Pakistani authorities in Abbottabad are doing their best to keep unwanted visitors away from the demolition of Osama bin Laden's former home. NBC's Annabel Roberts reports.
Pakistani security personnel on Sunday completed the demolition of the compound where al-Qaida leader Osama bin Laden was killed by U.S. forces last May.
"The process launched for demolishing the compound on Saturday evening has been completed on Sunday night. The whole structure of the building has been razed to the ground. It actually took some time as the process of removing demolition and removing the wreckage was going on same to same," a senior security official said in Abbottabad.
The official, who requested anonymity, said precautionary measures, including a curfew and heavy security around the compound, were taken to avoid any problems during the demolition. When asked why the demolition took place now, the official told NBC News that the razing of the structure had been planned soon after bin Laden's death.
"A number of meetings had taken place since the May 2 operation for demolishing the building, but the compound could not be demolished earlier due to difference in opinions among the officials concerned. It was finally decided to demolish the building and the timing for the process was chosen Saturday night," the official said.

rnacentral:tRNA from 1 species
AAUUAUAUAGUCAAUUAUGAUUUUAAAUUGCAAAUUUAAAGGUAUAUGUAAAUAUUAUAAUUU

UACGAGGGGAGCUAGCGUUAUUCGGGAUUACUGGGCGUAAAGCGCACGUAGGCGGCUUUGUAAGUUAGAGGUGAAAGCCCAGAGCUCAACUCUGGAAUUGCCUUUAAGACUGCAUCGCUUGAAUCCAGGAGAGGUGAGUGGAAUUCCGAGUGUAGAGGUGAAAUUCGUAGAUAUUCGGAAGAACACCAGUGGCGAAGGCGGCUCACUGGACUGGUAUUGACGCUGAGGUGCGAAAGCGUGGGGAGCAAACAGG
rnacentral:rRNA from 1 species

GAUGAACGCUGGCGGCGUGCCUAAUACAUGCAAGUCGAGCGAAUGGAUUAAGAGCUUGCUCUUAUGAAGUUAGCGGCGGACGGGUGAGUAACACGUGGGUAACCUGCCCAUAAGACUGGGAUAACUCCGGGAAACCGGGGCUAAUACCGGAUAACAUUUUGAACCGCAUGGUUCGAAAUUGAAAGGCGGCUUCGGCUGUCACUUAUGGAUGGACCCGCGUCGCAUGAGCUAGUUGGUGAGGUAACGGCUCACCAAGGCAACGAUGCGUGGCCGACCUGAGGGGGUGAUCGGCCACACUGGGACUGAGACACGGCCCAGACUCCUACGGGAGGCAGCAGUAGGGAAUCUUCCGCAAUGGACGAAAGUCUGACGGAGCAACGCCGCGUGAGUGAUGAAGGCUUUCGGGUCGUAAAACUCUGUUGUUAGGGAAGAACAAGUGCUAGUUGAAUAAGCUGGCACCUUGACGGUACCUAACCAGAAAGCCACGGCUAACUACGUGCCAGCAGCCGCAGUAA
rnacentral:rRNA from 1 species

A senior police officer said that an unannounced curfew in the town remained in place until late Sunday night.
To secure the area, Pakistan army soldiers and police personnel were deployed in large numbers to the area.
"The recent rockets' attack by unknown people on military installations in Abbottabad city had created serious concerns among the military authorities and local administration there," the police officer said.
The police officer, who requested anonymity, said the Khyber Pakhtunkhwa Governor Barrister Masood Kausar was scheduled to visit Abbottabad during the day to see the demolition, but later canceled his trip for unknown reasons.
Local residents in Bilal Town said security measures were later relaxed when the last portion of the compound was razed to the ground using heavy machinery.
Future plans for the lot include the construction of "a nice park" -- with green areas and benches -- that will be built "within a month," a senior government official told NBC News.
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